Among the project’s many supporters, the departures cause little concern.

They say their confidence is bolstered, in part, because the rail authority still includes former utility industry attorney Dan Richard and former banking executive Michael Rossi.

“As long as Dan Richard is at the helm and Mike Rossi oversees finance, then you are in good shape,” said Thea Selby, a former member of the rail authority board.

Supporters also note that the state just sold bonds to pay for work in the Central Valley, and a Superior Court judge tentatively rejected an effort by opponents to block the use of the money, which they contend would violate the terms of a 2008 bond act.

The opponents said they plan to appeal if the ruling is made final.

Meanwhile, political insiders are scrutinizing the details of recent departures for clues as to what may come next.

Morales’ five-year tenure at the top of the project had ups and downs.

The project did begin construction in the Central Valley, and Morales helped build political support that won additional state funding from greenhouse gas fees.

But the project failed to obtain any private investment and still has a massive $40-billion funding gap. It is falling behind schedule and facing estimates of higher costs as well.

While Morales likely did not get fired, he did battle with the rail authority’s board of directors and came to lose the confidence of at least some of the members, according to multiple officials who are involved in the project.

There was mounting evidence that the project was slipping into trouble that could not be repaired.

Asked about whether there was friction between the board and Morales, Kelly said, “In most respects they have been working very much together.”

When the 2016 business plan was issued, Morales won a tactical battle to lower the estimated final cost of the project to $64 billion, prevailing over those who wanted a price billions of dollars higher, according to individuals with knowledge of the dealings.

When the Federal Railroad Administration warned in December that the cost of the initial construction segment in the Central Valley could increase by 50% to $10 billion and the estimate became public weeks later, Morales and Richard both asserted that the estimate was part of a risk analysis that was wrong.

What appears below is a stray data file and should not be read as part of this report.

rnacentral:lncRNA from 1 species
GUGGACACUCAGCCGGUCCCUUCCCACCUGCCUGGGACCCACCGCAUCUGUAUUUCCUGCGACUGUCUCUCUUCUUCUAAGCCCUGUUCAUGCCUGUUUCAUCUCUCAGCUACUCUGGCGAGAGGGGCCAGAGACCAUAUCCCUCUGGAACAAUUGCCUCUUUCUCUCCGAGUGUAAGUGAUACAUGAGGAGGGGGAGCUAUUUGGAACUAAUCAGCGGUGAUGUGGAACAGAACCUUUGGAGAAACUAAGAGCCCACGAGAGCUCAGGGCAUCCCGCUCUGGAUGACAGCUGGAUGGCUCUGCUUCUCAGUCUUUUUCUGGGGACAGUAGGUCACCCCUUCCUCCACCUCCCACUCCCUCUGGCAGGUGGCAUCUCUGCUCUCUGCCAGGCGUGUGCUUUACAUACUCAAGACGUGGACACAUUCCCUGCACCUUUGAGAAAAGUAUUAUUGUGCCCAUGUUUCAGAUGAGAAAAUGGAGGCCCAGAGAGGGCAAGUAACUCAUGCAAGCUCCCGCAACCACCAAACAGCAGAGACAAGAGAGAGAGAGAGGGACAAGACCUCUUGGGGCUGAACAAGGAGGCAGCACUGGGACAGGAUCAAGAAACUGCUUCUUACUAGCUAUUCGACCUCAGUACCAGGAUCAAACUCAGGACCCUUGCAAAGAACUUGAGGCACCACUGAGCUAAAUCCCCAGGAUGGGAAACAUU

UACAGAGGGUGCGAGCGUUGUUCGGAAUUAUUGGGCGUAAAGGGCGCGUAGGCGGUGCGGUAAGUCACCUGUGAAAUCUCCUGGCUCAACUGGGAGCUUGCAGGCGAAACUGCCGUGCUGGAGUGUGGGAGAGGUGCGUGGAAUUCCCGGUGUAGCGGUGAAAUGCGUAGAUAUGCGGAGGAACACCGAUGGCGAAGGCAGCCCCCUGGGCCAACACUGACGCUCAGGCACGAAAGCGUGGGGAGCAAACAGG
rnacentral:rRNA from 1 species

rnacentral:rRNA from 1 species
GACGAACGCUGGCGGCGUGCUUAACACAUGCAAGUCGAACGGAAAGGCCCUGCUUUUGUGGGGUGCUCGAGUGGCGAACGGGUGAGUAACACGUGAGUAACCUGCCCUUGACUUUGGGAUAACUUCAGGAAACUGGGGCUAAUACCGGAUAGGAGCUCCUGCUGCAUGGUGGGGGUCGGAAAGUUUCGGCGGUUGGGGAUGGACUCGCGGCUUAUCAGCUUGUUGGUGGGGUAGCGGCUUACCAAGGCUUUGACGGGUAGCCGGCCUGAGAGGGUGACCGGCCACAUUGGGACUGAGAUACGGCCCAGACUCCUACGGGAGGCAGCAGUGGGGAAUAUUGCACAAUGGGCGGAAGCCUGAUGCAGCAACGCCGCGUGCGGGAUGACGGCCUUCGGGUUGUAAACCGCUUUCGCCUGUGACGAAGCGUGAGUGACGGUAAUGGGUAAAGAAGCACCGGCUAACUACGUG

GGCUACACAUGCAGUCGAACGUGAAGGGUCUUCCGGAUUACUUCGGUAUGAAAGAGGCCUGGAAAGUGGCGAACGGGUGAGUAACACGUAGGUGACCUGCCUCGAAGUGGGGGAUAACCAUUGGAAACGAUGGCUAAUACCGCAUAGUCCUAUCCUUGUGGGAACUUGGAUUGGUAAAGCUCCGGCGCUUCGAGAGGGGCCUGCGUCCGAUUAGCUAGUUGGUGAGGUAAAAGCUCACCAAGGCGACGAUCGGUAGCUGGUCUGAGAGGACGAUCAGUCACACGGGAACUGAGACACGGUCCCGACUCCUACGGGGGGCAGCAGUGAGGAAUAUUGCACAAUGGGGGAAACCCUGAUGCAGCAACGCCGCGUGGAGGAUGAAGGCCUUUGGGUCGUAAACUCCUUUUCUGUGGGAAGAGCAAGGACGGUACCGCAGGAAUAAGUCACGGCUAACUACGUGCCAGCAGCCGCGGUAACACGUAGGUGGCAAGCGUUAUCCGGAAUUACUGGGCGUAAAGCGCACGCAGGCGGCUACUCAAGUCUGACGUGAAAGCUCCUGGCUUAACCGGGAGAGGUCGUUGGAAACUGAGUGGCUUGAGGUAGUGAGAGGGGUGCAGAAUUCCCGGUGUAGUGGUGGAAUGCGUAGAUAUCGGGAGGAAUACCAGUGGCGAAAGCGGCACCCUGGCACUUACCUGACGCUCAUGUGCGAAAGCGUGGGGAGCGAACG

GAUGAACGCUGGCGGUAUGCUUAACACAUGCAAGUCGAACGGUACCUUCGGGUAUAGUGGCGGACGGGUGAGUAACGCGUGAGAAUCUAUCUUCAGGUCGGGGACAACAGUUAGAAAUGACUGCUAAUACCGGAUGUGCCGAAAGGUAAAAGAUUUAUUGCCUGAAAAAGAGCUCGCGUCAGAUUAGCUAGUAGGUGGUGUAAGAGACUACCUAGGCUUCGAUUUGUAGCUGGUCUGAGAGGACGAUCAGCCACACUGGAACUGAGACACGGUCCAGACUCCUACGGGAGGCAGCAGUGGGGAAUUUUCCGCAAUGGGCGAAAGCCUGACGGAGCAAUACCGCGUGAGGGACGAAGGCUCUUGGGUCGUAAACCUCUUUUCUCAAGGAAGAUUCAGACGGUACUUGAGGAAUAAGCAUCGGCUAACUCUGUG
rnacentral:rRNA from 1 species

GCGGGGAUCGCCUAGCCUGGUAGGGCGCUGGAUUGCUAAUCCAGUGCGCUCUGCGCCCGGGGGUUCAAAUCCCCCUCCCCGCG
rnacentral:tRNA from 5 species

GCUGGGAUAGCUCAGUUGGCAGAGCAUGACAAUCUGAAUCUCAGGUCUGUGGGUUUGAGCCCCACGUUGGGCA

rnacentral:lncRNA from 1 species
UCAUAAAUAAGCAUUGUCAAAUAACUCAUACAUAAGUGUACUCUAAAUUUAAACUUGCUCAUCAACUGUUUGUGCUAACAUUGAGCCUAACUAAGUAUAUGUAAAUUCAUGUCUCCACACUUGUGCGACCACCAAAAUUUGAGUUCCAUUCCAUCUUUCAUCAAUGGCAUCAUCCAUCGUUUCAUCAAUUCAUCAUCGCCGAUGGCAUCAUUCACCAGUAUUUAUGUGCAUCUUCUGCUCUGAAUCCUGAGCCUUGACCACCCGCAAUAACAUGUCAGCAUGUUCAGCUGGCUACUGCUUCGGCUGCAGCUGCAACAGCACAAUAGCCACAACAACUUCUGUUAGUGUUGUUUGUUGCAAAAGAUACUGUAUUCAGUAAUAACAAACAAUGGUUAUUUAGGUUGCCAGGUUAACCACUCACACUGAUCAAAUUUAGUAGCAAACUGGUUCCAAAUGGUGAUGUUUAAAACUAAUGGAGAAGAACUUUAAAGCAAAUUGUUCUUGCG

Morales’ resignation letter two weeks ago was addressed to Brown as well as the authority’s board.

A spokesman for the governor said Brown was not involved in Morales’ decision to leave.

But the executive turnover does offer Brown an opportunity to install fresh management, possibly better skilled at dealing with the immediate problems of managing property acquisition, environmental approvals, large-scale construction and making amends with the Trump administration.

Morales was part of President Obama’s transition team, not a background likely to win many friends in the conservative Congress.

Brown has hoped to make the bullet train system a part of his legacy, but he has said little about the program’s specific challenges this year and in his State of the State speech said only, “We have roads, we have tunnels, we have railroads and even a dam that the president can help us with.” He has not acted to fill a vacancy on the rail authority board.

Many project insiders speculate that the governor is quietly considering a restructuring of the entire project before he leaves office after the gubernatorial election next year.

ralph.vartabedian@latimes.com

Follow me on Twitter @rvartabedian


UPDATES:

3:07 p.m., May 4: This article was updated to more fully describe Gov. Jerry Brown’s comments on high speed rail in his State of the State address and other public remarks.

4:47 p.m., May 2: This article was updated to indicate that James Moore’s stated opinions are not those of USC.

This article was originally published at 2:30 p.m., May 1.